So let me see, James had woken up around 9 and been out for a walk when Amy and I were dead to the world.  Tired to rouse me several times - no chance of that with the knockout drugs still in play.  When I woke it took me an hour to wake up properly and get moving becuase I was so stiff and sore.  James was hungry and wanted to go out for lunch.  Had he got any groceries in?  No.  Amy didn't want to get up, and shouted at us that the day was ruined and it was our fault because we had let her sleep in and she had wanted to go shopping. We finally got out at around 3 and had a couple of semi civilised hours after much more shouting and cursing.  Bought very expensive ie full price tickets to see Mamma Mia that night - what Amy wanted to see.  James wanted to see Once but amy didn't want to see that.  I want to see The Hothouse but we need a babysitter for Amy for that one (good luck with that).  Then we took Amy to Hamley's heaven and James to Apple heaven and I bought a new watch to replace the one I smashed on the pavement in America when it fell off my wrist.  Bought some nice Belgian chocolates which somehow didn't make it into my bag after I'd paid for them, or got lost on the way home - either way, gone by 11pm when we remembered em and couldn't find em.  Walked back to flat, changed and back to Charing Cross, found a place that could feed us in 10 mins because that was all we had time for and went to Mamma Mia, which Amy and I thoroughly enjoyed and even James smiled at a couple of times...or perhaps he was only wincing.

Great I thought,  Amy's been to her favourite store, and now seen this wonderful show, she'll be happy for a while.  But no, as we were walking back to the tube station, it was "what show are we going to tomorrow night?"  My response "it was very expensive to go to this show - we can't go to shows every night."  Amy "Will I get to see Matilda?"  Me "Not tomorrow night".  Amy "When?"  Me "Don't know".  Amy "When can I skype Livvy again".   And so the insatiable appetite to be entertained continues unabated, and my two companions travel the rest of the way through their day listening to the contents of their respective ipods and ignoring me.

When we got back at 11pm I asked Amy no less than 6 times to get ready for bed, which she failed to do and then lost my temper again. Asked James to chase her up while I fought to book the London hotels for pre and post Russia trip that James has been nagging me about for two days, fighting with the internet connection that dropped out every two minutes and took two minutes to come back on before dropping out again.  Meanwhile James had not got Amy off to bed.  When I finally went to bed myself at midnight my husband was still on his computer and my daughter was still complaining about not being able to get to sleep.  After her fidgeting around, turning lights on to read and generally disturbing me, I sent her to the lounge to read.  An hour later when I was still cold and not sleeping James came to bed, and tried to get Amy to come to bed too.  That only succeeded in waking me up just after I had dropped off, at which point I suggested to James that he put Amy and her book and her duvet in the lounge so she could read and then go to sleep and we could at least have the lights off and have a chance of going to sleep ourselves.  I could not get back to sleep, Amy eventually came to bed, leaving the lounge and bathroom lights on so she didn't have to be in the dark, and then she and James both went to sleep and James started snoring again - at which point I gave up again and got up to write this blog.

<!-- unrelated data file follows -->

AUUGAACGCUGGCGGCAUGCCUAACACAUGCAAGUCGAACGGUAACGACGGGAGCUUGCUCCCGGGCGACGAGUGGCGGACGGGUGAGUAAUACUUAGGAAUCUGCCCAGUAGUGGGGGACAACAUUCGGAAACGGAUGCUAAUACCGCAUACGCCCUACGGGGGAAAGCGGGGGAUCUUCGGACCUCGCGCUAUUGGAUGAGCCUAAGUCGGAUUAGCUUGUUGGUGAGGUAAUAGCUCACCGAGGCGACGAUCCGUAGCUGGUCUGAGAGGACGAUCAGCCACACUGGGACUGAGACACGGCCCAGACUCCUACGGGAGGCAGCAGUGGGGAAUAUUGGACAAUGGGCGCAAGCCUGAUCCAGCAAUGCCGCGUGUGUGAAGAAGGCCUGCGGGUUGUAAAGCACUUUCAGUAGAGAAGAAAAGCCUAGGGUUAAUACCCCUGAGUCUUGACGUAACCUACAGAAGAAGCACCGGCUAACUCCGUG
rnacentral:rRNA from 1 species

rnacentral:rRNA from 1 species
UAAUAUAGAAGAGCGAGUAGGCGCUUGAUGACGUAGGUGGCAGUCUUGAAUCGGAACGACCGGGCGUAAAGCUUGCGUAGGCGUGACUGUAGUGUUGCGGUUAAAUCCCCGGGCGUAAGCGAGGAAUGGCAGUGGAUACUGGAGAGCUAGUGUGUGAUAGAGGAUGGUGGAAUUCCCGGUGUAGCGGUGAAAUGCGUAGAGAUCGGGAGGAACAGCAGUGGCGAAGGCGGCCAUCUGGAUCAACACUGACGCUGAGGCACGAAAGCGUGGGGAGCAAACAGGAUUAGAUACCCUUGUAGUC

Just after we got back to the flat this evening after the show, my sister-in-law skyped me.  She said something about how nice it is for people who go away overseas on long trips and have a wonderful time, while everyone else just stays at home and do the usual boring things.

People always think the grass is greener, don't they?  Yes, parts of the trip have been wonderful.  And parts of them have been hellish.  I'm in the hell zone right now, and I can't see an end to it in the near future.  We've got two more days to adjust to London time then we've got another 3 hour change for Russia and then a three hour change coming back to England a week later.

Just because I'm having a fabulous time seeing the world doesn't mean my life is better or happier than someone else's.  Wherever you are, there is still washing and housework to do, travelling to negotiate, scratchy family members to try and accommodate, and we'll still have a new mortgage to pay when we get back racked up from being away, and I will have to find a job to help pay for it.  Every single day I am travelling I still have to figure out how we can best get around with one family member who can't walk long distances, and that's not easy in a place like London.

Right now I would just like some rest and some time to myself, and not have to deal with everyone else's problems as well as my own.  But Mum's prerogative always seems to have to be to fit in with the  others, until I get so run down I totally lose my marbles and they go into shock and start being nice to me for an hour or two, until they think I've calmed down enough for their concerns to come to the fore again, be it "I'm bored, I'm hungry, I'm tired, I want something now" or "I'm useless, I've fucked up, I should have worked today, I should just give up" "I'll get fired and then how are we going to eat?"
Sorry, but it's hard to enjoy an overseas trip when this is the sort of script coming from your travel companions almost every waking moment when they are not tuned into some electronic gadget or other.

I hope noone bothers to get to the end of this rant - it really is just a rant.

But I still awake and it's five o'clock in the morning again and I have no hope that today is going to be any better.  This a is bit of the trip I definitely wish I could fast forward to get to a better bit.

1 comment:

  1. How ironic to be reading this in May 2016 when my family is angry at me because I said I didn't want to go on a month long overseas trip in July. This post sums up all the away reasons I don't enjoy it. And the disruption and consequences of that last trip on our home life our finances and my career we still haven't got over. No wonder I am feeling ambivalent about spending all that money to be shouted and grumped at in foreign places